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Madsen, C; Nafstad, P
Norwegian Institute of Public Health, Oslo.
It is well known that environmental conditions are related to the risk of developing cardiovascular diseases and events. However, the mechanisms behind these relations are not well understood. One mechanism could be elevation of blood pressure. In this study we assessed associations between blood pressure and environmental conditions in a cross-sectional study.
We used a population based study of about 19,000 citizens to assess associations between blood pressure and environmental conditions including season, weekday, time of day, education, alcohol intake, outdoor temperature and air pollution.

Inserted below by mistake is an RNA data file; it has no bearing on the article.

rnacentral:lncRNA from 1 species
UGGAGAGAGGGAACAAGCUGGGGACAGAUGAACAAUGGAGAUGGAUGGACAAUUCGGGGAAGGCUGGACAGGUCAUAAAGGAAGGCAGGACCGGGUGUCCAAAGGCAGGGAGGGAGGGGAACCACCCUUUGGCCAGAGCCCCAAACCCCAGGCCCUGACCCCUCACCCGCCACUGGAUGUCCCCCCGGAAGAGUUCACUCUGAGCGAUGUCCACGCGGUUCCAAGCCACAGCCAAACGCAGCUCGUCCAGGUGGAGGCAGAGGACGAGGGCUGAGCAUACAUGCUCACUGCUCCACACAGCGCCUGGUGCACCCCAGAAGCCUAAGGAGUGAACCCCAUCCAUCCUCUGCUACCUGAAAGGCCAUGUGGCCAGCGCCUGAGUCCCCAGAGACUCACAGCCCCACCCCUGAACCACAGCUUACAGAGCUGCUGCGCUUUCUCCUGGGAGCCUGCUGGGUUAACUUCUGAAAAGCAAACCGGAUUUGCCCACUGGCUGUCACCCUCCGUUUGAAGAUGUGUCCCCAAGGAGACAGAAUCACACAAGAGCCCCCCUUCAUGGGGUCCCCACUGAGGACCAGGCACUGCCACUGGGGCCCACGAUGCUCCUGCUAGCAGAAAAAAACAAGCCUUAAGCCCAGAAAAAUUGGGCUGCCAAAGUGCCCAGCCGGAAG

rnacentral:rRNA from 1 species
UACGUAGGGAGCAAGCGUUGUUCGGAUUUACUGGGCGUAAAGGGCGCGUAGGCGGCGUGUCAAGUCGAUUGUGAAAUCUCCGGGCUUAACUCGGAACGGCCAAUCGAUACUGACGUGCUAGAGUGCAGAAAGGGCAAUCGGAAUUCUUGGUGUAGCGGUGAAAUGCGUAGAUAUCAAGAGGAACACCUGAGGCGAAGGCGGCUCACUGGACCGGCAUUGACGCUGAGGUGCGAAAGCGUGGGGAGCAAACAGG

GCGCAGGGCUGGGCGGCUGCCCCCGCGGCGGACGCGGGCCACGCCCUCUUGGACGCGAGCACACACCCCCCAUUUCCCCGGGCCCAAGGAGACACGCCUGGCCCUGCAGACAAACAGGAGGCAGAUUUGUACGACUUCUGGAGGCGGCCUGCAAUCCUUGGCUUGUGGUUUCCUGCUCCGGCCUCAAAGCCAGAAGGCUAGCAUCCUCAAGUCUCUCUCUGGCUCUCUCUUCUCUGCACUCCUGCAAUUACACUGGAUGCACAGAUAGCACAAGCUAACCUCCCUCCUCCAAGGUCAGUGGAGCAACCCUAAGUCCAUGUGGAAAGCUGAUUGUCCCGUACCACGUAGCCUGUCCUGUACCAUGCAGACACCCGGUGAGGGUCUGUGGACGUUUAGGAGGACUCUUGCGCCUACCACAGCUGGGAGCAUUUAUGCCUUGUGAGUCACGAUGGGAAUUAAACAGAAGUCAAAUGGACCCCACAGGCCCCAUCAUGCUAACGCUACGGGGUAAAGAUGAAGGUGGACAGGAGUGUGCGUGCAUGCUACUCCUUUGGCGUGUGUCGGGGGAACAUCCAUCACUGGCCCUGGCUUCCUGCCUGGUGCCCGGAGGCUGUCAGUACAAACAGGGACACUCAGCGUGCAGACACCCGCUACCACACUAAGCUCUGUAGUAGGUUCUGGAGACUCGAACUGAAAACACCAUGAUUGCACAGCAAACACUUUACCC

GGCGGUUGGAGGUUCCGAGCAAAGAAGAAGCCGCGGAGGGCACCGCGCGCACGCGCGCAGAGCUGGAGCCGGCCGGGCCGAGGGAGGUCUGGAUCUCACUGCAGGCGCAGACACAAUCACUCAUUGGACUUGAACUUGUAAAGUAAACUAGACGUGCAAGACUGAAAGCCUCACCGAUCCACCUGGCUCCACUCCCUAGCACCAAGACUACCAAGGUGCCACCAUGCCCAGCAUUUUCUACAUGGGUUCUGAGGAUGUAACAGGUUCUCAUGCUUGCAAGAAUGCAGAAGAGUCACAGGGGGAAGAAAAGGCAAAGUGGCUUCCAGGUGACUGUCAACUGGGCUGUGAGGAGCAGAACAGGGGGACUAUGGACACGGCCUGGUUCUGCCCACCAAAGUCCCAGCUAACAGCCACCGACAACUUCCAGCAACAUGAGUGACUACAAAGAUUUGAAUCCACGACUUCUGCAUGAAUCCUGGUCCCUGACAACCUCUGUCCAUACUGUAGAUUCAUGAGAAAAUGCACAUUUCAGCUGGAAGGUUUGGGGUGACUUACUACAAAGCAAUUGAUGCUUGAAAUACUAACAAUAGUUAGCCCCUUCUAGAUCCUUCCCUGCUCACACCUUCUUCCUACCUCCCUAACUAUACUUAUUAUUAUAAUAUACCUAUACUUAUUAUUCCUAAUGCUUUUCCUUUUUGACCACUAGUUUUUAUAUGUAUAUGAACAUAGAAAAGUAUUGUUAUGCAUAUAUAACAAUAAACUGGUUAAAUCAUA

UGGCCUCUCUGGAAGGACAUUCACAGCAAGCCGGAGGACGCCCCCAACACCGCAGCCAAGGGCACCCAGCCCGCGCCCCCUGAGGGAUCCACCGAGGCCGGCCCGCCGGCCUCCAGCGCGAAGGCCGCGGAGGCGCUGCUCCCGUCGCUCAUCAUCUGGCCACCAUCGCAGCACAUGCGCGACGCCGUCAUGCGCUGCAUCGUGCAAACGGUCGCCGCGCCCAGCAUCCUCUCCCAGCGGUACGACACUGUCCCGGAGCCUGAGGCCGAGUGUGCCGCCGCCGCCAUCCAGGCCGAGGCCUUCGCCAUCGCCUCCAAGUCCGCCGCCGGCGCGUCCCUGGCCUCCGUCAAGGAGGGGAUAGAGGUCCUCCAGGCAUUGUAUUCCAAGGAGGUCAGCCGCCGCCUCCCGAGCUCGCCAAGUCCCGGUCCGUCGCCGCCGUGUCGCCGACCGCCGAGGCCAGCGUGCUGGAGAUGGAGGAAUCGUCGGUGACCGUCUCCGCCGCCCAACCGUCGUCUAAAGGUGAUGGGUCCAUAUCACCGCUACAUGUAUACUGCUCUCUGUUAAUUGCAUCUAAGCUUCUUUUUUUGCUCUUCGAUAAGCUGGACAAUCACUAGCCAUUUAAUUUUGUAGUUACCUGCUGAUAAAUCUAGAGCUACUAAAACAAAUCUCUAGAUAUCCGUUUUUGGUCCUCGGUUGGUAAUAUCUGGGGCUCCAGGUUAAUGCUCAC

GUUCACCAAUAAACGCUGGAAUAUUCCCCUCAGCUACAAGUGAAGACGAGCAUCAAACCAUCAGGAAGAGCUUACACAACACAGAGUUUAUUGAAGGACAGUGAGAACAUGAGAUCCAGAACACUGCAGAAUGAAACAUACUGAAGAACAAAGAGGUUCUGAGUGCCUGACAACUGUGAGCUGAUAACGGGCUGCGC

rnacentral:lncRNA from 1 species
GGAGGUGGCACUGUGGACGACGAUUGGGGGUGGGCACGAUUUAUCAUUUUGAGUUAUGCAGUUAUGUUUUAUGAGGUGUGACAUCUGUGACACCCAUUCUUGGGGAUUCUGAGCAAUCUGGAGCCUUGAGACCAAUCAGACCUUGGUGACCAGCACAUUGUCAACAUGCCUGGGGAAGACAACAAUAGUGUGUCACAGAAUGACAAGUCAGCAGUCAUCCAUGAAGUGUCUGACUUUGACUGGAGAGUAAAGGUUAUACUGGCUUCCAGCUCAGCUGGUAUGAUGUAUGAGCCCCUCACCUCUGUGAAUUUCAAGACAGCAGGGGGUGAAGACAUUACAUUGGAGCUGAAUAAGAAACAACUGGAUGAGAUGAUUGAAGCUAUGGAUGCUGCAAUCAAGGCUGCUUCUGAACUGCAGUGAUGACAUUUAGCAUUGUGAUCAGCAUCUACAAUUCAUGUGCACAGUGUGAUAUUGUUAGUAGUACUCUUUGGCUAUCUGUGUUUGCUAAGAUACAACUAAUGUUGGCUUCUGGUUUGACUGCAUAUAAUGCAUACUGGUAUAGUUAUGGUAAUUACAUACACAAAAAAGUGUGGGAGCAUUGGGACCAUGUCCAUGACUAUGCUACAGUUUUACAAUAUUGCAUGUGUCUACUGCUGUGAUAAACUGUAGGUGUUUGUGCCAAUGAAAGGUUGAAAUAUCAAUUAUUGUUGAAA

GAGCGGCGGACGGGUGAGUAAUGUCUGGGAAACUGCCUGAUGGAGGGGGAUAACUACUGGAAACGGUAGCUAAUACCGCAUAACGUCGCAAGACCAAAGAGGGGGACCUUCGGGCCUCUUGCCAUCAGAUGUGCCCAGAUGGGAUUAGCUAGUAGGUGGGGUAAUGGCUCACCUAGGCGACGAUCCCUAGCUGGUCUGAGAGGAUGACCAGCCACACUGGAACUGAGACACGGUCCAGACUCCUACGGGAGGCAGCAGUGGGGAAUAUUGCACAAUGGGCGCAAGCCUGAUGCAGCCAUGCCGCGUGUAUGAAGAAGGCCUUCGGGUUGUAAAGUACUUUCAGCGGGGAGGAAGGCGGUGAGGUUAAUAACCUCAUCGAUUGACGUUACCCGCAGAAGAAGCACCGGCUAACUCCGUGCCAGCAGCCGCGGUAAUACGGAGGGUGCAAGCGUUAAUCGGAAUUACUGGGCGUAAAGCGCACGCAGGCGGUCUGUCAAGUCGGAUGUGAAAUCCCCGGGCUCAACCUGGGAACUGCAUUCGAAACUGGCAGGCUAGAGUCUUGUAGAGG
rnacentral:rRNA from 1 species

A 10°C reduction in outdoor temperature the day blood pressure was measured was related to an increase in blood pressure for both men (SBP: 1.5 mmHg (95% CI, 0.6 to 2.3); DBP: 1.3 mmHg (95% CI, 0.1 to 1.8)) and women (SBP: 2.4 mmHg (95% CI, 1.6 to 3.2); DBP: 1.8 mmHg (95% CI, 1.3 to 2.3)). Blood pressures were highest when measured on Monday mornings and reduced gradually until Friday. No convincing relation was found between indicators of air pollution exposure and blood pressure.
Several environmental conditions were related to blood pressure, and have similar associations with cardiovascular diseases or mortality. This could indicate that some of the effect these exposures have on the cardiovascular system is by increasing blood pressure.
© 2006 Lippincott Williams & Wilkins, Inc.
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